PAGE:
Sunday, February 11, 2007

Real Presences

I read with interest this post at "Historical Theology," entitled 'Trent's Eucharistic Inconsistency', but came away a bit puzzled. The author, Darren, attributes the following position to the Council:

In the document the council begins by addressing the controversial matter of real presence. Is the real body and blood of the Lord Jesus Christ present in the bread and the wine of the Eucharist? The Catholic position is an unqualified "Yes." Christ is "truly, really, and substantially contained under the species of those sensible things" — that is, under the bread and wine that still look, feel, smell, and taste like bread and wine. This presence is not at all contradicted by the fact that Christ remains bodily at the right hand of the Father (still a common argument made against Transubstantiation).

The basis for this is the divine attribute of omnipresence, which the council suggests that Jesus shares even in his incarnate, resurrected and glorified body.

What's puzzling is that this is usually considered not a Tridentine view but a Lutheran one, and one of the major efforts of Counter-Reformation thinkers (like Bellarmine), was to attack it. This Lutheran view was that Christ was really present in the eucharist by virtue of the fact that His humanity participated in the omnipresence of his divinity. It's called the ubiquity of Christ. The idea is that there is a 'communication of properties' in Christ in three ways:

(1) idiomatic: where we ascribe the properties of the nature to the person;
(2) apotelesmatic: where we ascribe the properites of the person to the nature;
(3) auchematic: where we ascribe the properties of one nature to the other.

The real presence of Christ by ubiquity would be an example of (3).

This view was strongly opposed by Calvinists and Catholics alike, who, whatever their differences, share a similar understanding of the Chalcedonian definition, and regard this doctrine of ubiquity as a clear violation of it. Further, it has been pointed out by this reasoning, Christ would be bodily present in every cabbage in your garden, and the uniqueness of the institution is lost. (There are versions of the Lutheran doctrine in which this is not the case; for instance, 'volipresential' views hold that Christ's humanity in virtue of its union with the divine has the power to be present as He wills -- a virtual rather than actual omnipresence.)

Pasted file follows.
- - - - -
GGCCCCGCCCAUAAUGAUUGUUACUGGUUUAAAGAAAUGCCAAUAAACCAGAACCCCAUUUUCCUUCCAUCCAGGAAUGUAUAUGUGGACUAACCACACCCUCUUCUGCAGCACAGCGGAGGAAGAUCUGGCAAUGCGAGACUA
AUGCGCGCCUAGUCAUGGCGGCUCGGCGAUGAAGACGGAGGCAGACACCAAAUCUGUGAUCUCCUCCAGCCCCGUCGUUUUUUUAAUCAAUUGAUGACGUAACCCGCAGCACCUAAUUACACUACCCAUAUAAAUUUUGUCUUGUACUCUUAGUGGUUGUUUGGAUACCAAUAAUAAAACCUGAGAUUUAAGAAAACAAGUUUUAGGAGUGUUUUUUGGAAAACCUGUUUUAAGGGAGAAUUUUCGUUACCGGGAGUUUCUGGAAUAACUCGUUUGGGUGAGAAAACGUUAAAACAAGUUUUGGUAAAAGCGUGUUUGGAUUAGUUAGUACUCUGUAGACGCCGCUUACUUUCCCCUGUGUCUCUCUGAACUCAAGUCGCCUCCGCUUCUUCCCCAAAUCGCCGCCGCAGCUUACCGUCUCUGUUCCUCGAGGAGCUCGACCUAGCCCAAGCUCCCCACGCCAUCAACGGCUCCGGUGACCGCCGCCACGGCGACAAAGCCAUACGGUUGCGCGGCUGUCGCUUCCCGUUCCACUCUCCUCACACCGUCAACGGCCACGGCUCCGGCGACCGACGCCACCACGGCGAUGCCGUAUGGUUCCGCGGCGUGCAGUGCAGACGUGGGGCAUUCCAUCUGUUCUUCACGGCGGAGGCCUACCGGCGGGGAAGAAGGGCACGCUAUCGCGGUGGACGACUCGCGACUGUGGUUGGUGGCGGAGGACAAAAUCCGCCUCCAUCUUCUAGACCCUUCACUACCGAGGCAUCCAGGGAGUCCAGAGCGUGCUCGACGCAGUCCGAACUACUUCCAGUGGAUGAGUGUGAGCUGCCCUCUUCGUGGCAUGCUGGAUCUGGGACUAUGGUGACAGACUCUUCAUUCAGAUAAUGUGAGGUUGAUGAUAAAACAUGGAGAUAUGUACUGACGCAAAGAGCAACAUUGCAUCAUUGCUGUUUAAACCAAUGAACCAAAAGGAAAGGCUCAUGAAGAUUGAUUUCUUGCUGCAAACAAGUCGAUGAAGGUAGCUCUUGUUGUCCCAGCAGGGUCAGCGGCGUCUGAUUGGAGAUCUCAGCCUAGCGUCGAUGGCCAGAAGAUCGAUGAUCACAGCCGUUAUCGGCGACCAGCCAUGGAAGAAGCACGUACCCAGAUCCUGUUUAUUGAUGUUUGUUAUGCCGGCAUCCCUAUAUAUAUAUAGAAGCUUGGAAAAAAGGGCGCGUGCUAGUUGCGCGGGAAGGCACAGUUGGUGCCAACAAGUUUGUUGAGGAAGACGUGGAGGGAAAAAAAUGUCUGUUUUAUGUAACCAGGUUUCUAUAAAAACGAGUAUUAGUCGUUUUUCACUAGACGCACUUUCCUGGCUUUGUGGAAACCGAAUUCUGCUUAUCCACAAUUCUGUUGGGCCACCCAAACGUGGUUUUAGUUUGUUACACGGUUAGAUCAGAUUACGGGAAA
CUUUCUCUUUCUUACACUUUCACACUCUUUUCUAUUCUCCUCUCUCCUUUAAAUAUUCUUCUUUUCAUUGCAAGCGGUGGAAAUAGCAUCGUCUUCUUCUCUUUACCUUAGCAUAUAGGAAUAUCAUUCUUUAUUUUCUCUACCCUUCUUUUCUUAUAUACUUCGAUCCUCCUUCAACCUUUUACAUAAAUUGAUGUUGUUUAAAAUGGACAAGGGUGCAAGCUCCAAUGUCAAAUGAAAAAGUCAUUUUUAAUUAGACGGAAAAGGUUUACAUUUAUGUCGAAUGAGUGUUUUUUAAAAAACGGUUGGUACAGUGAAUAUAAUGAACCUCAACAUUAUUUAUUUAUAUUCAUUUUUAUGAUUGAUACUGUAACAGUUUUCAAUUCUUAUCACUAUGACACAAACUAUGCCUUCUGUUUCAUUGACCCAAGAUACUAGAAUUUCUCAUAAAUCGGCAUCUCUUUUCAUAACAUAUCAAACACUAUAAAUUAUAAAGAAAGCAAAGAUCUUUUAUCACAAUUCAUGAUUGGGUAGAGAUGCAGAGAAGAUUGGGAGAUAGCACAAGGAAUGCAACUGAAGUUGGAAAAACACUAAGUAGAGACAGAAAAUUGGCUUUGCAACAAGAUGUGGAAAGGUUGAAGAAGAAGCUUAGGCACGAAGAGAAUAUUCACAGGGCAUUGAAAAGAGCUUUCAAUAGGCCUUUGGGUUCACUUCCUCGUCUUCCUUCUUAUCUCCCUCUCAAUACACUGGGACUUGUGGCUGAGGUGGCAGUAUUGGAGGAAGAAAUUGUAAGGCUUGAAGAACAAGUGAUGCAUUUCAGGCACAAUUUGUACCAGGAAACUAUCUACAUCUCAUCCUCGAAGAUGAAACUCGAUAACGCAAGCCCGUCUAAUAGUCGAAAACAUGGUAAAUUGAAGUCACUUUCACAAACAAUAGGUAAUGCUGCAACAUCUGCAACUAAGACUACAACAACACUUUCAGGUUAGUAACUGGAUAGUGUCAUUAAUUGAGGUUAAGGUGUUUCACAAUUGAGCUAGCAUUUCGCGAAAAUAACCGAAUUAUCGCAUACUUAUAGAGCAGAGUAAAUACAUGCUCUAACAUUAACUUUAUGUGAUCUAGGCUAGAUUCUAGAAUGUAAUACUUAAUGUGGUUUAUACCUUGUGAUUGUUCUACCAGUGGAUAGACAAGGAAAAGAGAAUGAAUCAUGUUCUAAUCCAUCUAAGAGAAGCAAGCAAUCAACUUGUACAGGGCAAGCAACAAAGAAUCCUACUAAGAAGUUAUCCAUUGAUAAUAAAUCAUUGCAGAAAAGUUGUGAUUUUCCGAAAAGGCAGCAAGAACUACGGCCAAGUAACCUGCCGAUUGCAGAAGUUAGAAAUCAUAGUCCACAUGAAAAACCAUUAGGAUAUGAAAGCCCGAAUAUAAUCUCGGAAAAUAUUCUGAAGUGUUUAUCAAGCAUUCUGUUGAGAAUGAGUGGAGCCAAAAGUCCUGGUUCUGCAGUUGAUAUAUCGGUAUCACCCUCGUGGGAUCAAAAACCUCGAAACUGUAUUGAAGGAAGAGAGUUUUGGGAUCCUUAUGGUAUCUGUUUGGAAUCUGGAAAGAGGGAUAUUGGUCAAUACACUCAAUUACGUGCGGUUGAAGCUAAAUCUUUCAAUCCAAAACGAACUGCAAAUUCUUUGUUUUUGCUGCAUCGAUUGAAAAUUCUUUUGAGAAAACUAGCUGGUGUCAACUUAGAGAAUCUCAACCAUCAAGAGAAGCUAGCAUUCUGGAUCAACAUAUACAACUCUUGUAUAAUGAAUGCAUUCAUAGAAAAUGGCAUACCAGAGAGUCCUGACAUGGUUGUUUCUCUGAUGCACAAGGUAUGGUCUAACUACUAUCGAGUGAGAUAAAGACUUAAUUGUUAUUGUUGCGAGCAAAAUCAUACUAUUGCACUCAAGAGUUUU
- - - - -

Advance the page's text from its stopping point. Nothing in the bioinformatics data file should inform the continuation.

The Tridentine view is rather different:

For neither are these things mutually repugnant,-that our Saviour Himself always sitteth at the right hand of the Father in heaven, according to the natural mode of existing, and that, nevertheless, He be, in many other places, sacramentally present to us in his own substance, by a manner of existing, which, though we can scarcely express it in words, yet can we, by the understanding illuminated by faith, conceive, and we ought most firmly to believe, to be possible unto God.

That is, Christ is present not naturally (by virtue of his humanity) but sacramentally (by virtue of the power of God). This sacramental presence is a key part of what it is to be assimilated to the Body of Christ, which is sacramental union with Christ, whereby through His presence we partake of His life.

The Calvinist opposition to ubiquity was along broadly similar lines. Like the Catholics they insisted that

(1) at the heart of the institution of the eucharist is an inexhaustible mystery;
(2) the key to this mystery is our union with Christ.

Unlike the Catholics, however, the Calvinists held that the presence of Christ was better understood in terms of reconciliation than in terms of bodily presence. That is, the Catholic view is that Christ has a unique mode of presence, by which he is substantially present in the eucharist, uniting believers to Himself. The Calvinists held that Christ is not substantially present in the eucharist; rather, His presence is the very act of uniting believers to Himself. It's usually called spiritual presence.

This Calvinist viewpoint eventually began to lose ground in Reformed churches to a Zwinglian viewpoint, in which there is no real presence at all, only a symbolic one: the Lord's Supper symbolizes Christ's body and blood, and nothing more. This has been an ongoing struggle in Reformed circles, with the Zwinglians usually having the upper hand (an upper hand, however, that they seem to have been steadily losing in past decades).

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